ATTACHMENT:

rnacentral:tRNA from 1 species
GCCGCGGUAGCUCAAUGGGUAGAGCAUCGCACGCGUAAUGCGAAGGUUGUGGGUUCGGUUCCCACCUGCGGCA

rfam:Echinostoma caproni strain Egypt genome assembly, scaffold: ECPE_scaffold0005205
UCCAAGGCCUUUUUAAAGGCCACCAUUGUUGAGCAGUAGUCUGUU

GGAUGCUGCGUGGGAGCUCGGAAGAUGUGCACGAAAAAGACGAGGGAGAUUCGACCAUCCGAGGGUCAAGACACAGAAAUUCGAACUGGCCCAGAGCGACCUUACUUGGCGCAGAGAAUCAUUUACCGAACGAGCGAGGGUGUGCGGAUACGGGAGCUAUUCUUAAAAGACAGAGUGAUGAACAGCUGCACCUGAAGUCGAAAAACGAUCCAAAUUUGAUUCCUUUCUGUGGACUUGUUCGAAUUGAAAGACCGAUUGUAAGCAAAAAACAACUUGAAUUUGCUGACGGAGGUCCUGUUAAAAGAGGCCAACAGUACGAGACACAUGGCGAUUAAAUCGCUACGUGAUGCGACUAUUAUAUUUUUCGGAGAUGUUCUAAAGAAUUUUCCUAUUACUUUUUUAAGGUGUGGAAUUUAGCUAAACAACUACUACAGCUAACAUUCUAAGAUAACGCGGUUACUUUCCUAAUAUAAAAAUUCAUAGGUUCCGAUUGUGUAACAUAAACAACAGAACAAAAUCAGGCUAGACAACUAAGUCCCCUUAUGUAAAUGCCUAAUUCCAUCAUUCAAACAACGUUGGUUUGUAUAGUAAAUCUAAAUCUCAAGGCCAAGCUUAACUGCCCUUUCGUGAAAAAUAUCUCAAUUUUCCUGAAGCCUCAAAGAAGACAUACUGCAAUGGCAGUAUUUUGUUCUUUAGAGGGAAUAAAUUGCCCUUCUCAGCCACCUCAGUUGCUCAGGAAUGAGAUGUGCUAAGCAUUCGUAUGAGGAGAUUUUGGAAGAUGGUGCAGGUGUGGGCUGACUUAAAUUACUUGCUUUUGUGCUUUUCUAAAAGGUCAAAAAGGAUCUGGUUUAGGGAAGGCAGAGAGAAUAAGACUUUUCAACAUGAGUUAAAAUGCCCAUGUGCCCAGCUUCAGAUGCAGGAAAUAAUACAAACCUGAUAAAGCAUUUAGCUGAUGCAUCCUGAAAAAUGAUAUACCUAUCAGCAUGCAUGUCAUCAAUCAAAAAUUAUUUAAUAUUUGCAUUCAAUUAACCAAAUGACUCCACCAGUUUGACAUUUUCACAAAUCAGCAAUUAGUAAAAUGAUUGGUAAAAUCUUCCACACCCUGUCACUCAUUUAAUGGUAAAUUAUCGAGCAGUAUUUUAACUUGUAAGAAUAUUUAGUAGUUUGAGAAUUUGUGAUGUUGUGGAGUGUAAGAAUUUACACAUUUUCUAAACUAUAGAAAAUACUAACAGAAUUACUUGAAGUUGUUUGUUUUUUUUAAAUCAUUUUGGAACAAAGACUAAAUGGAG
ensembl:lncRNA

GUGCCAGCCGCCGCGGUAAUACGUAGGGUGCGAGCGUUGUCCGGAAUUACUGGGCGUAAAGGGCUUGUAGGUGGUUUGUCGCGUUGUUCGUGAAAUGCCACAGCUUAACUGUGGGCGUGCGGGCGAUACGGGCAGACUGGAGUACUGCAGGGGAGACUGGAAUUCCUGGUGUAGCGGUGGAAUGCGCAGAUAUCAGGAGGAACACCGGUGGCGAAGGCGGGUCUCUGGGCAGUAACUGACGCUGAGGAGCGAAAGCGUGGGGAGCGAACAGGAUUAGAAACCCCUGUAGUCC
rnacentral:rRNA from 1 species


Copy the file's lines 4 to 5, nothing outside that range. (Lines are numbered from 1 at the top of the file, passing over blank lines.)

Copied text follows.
UCCAAGGCCUUUUUAAAGGCCACCAUUGUUGAGCAGUAGUCUGUU

GGAUGCUGCGUGGGAGCUCGGAAGAUGUGCACGAAAAAGACGAGGGAGAUUCGACCAUCCGAGGGUCAAGACACAGAAAUUCGAACUGGCCCAGAGCGACCUUACUUGGCGCAGAGAAUCAUUUACCGAACGAGCGAGGGUGUGCGGAUACGGGAGCUAUUCUUAAAAGACAGAGUGAUGAACAGCUGCACCUGAAGUCGAAAAACGAUCCAAAUUUGAUUCCUUUCUGUGGACUUGUUCGAAUUGAAAGACCGAUUGUAAGCAAAAAACAACUUGAAUUUGCUGACGGAGGUCCUGUUAAAAGAGGCCAACAGUACGAGACACAUGGCGAUUAAAUCGCUACGUGAUGCGACUAUUAUAUUUUUCGGAGAUGUUCUAAAGAAUUUUCCUAUUACUUUUUUAAGGUGUGGAAUUUAGCUAAACAACUACUACAGCUAACAUUCUAAGAUAACGCGGUUACUUUCCUAAUAUAAAAAUUCAUAGGUUCCGAUUGUGUAACAUAAACAACAGAACAAAAUCAGGCUAGACAACUAAGUCCCCUUAUGUAAAUGCCUAAUUCCAUCAUUCAAACAACGUUGGUUUGUAUAGUAAAUCUAAAUCUCAAGGCCAAGCUUAACUGCCCUUUCGUGAAAAAUAUCUCAAUUUUCCUGAAGCCUCAAAGAAGACAUACUGCAAUGGCAGUAUUUUGUUCUUUAGAGGGAAUAAAUUGCCCUUCUCAGCCACCUCAGUUGCUCAGGAAUGAGAUGUGCUAAGCAUUCGUAUGAGGAGAUUUUGGAAGAUGGUGCAGGUGUGGGCUGACUUAAAUUACUUGCUUUUGUGCUUUUCUAAAAGGUCAAAAAGGAUCUGGUUUAGGGAAGGCAGAGAGAAUAAGACUUUUCAACAUGAGUUAAAAUGCCCAUGUGCCCAGCUUCAGAUGCAGGAAAUAAUACAAACCUGAUAAAGCAUUUAGCUGAUGCAUCCUGAAAAAUGAUAUACCUAUCAGCAUGCAUGUCAUCAAUCAAAAAUUAUUUAAUAUUUGCAUUCAAUUAACCAAAUGACUCCACCAGUUUGACAUUUUCACAAAUCAGCAAUUAGUAAAAUGAUUGGUAAAAUCUUCCACACCCUGUCACUCAUUUAAUGGUAAAUUAUCGAGCAGUAUUUUAACUUGUAAGAAUAUUUAGUAGUUUGAGAAUUUGUGAUGUUGUGGAGUGUAAGAAUUUACACAUUUUCUAAACUAUAGAAAAUACUAACAGAAUUACUUGAAGUUGUUUGUUUUUUUUAAAUCAUUUUGGAACAAAGACUAAAUGGAG